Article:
Reagan's face for $10 bill
Ronald Reagan may be coming soon to the US$10 bill.
Some of his most ardent admirers, who have spent 10 years promoting memorials to the 40th president, will go into high gear after Friday's funeral to work toward getting Congress to put his face on the US$10 bill.
Grover Norquist, the president of the Ronald Reagan Legacy Project, said the 62 things already named for Reagan ¡ª from the former National Airport outside Washington to an aircraft carrier to a New Hampshire mountain ¡ª were only the beginning.
"We want something significant named for Reagan in every state and every county," Norquist said.
Congress may change the US$10 bill as soon as this month, he said. House Majority Leader Tom DeLay, R-Texas, supports the idea, said his spokesman, Jonathan Grella.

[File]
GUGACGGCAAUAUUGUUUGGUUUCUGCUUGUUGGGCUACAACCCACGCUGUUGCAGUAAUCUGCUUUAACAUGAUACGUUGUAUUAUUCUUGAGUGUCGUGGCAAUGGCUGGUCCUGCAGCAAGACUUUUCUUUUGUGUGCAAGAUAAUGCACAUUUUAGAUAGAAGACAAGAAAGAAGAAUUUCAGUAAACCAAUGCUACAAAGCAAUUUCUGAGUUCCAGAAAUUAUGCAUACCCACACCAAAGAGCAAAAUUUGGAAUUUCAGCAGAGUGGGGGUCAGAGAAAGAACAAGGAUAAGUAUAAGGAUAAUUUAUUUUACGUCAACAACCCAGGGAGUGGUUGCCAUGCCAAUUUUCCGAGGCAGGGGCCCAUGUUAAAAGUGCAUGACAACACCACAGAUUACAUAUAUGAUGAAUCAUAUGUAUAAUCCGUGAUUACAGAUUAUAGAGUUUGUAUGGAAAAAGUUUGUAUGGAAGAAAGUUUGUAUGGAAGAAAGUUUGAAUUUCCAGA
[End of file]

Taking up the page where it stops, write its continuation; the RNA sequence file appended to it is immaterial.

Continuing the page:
¡°At the national level, the consensus is that we¡¯ll put Reagan on the US$10 bill,¡± Norquist said. ¡°The leadership of the House and Senate are focused on the US$10 bill. I¡¯ve spent the last three years talking to people on the (Capitol) Hill and the Treasury.¡±
Of course, putting Reagan on the 10-spot would mean removing Alexander Hamilton, the first treasury secretary and the founding father dearest to conservatives.
Many conservatives dream of putting Reagan on Mount Rushmore in South Dakota. First floated in the late 1980s, the idea of carving Reagan into granite alongside Presidents George Washington, Thomas Jefferson, Theodore Roosevelt and Abraham Lincoln thrills supporters, but it probably is not to be.
¡°The rock that surrounds the sculpted faces is not suitable for further carving,¡± said Paul Menard, management specialist at the Mount Rushmore National Memorial.